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Control your entire railroad from anywhere in the room and unlock the full potential of your Protosound 2 and 3 locomotives with the MTS DCS control system.


Operate up to 99 DCS-equipped engines independently at the same time.



Run your whole railroad — locomotives, switches, accessories, everything — from one or more DCS handheld remotes. When you have guests, give each visitor a DCS handheld and let them control their own engine. An LCD screen indicates which engine you’re controlling and its current speed.



Just like the prototype, you can double- or triple-head locomotives, add or drop helper engines, or bring a train into the station with a mainline engine and then have a switcher break up the consist.



Add one or more optional AIUs (Accessory Interface Units) to control switches and accessories from the DCS handheld. To create specific routes — an exit from a passenger station to the westbound main line, for example — you can program multiple track switches to throw with a single command.



Record up to 90 minutes of DCS speed, direction, sound, and accessory commands as a program that your layout can repeat on demand. Use this feature to run trains automatically on one part of your railroad while you manually control another area.



Set engine speed in one-scale-mile-per-hour (smph) increments, from a 3 smph crawl to 120 smph. Your scale speed is indicated on the DCS handheld. And like the cruise control on a car, Proto-Speed Control™ keeps your train moving at the speed you select, regardless of hills and curves. You can even switch off the speed control if you prefer.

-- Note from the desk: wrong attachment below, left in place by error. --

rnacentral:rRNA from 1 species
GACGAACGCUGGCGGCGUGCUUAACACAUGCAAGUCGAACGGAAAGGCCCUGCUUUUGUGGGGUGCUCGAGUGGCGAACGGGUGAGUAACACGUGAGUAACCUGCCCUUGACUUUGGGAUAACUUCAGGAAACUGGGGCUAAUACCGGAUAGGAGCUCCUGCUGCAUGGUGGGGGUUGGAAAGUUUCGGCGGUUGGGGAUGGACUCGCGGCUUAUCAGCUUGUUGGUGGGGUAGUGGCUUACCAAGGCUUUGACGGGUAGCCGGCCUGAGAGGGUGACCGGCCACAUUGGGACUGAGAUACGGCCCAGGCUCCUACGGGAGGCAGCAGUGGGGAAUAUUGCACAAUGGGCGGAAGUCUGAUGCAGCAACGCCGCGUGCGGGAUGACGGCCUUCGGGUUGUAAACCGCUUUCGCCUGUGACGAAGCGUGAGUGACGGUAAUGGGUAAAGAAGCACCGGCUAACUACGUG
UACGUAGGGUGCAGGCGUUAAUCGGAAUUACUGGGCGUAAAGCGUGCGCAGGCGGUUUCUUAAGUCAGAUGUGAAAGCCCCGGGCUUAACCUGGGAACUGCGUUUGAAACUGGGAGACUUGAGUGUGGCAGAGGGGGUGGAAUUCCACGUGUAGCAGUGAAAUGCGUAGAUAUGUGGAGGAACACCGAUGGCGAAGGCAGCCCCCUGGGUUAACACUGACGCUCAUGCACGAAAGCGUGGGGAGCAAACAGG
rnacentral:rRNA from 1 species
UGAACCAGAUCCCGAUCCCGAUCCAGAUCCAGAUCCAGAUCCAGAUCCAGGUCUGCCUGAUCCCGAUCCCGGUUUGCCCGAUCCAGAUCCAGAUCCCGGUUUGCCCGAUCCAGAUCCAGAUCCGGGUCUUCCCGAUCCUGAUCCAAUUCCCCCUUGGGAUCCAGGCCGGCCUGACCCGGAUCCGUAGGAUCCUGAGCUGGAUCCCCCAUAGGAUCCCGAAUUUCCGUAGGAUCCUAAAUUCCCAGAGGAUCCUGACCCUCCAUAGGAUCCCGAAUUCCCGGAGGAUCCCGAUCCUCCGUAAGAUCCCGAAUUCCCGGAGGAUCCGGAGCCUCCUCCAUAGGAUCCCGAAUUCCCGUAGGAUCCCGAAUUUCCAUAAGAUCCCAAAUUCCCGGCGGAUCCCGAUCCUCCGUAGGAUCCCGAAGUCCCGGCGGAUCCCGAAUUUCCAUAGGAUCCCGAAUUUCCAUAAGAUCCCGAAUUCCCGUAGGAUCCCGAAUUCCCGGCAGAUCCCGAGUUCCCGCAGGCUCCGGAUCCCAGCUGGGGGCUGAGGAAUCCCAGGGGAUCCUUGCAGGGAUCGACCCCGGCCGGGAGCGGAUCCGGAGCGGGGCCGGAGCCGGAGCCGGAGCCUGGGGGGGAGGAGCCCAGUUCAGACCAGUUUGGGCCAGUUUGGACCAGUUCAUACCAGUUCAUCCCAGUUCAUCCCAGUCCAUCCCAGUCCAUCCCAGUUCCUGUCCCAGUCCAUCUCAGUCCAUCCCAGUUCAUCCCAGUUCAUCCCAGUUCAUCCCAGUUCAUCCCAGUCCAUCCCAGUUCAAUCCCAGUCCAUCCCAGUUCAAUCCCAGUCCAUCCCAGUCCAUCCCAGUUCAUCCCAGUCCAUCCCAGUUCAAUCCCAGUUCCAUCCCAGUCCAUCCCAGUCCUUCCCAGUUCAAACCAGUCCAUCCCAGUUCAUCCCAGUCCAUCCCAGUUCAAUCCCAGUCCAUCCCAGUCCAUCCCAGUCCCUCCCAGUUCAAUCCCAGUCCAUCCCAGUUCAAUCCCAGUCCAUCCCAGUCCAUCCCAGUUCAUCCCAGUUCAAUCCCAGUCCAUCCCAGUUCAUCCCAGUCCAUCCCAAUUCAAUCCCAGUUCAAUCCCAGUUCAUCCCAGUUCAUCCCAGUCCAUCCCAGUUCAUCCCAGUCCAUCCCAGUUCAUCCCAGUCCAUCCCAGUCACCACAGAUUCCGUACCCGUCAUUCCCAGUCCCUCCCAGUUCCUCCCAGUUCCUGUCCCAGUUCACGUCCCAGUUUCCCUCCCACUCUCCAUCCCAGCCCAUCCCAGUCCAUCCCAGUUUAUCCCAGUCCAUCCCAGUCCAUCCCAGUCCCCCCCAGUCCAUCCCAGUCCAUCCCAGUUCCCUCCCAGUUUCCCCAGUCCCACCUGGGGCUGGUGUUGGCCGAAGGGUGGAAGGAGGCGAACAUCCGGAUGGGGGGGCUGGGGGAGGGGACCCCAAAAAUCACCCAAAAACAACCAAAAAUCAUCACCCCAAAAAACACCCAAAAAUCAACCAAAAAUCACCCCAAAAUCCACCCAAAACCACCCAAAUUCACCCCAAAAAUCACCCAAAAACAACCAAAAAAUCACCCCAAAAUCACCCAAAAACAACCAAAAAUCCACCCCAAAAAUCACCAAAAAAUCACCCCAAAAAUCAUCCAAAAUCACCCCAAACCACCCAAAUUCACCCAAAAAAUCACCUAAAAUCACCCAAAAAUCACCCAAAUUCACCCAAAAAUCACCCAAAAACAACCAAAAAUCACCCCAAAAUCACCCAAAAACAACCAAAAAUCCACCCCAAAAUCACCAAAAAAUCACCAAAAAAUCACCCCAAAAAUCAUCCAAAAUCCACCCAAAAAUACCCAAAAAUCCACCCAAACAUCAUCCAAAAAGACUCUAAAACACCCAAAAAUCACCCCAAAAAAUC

Proto-Sound engines not only receive DCS commands, they can report back vital information, trigger other devices to operate, and diagnose your layout’s wiring and signal quality. Query a locomotive to find out how many scale miles it’s run, for example. Measure your track in scale miles. Or check DCS signal strength at a specific location.



Unlike DCC, Legacy, or any other command system, DCS is designed to be upgradable for free over the Internet. The latest software can be downloaded to any DCS system ever made, so new features can be added and your investment will not become obsolete.

Command Control Explained

In conventional operation, an AC or DC transformer varies track voltage to adjust engine speed and direction. Command systems such as DCS, however, put a constant voltage on the track (around 18 volts for DCS) and vary speed by telling each engine how much of that voltage to use. Command control allows different engines to do different things — like run at different speeds, go in different directions, or make different sounds — even when they are on the same track.

In the DCS system, commands such as speed, direction, and sound control are sent as radio signals from the handheld throttle to a TIU (track interface unit). The TIU translates those radio signals into digital information that is sent through the rails and picked up by a receiver in the appropriate engine — telling it to go, for example, 37 miles per hour, blow the whistle, smoke more heavily, or any other command. DCS locomotives can also send information back to the handheld to let the operator know what they’re doing.

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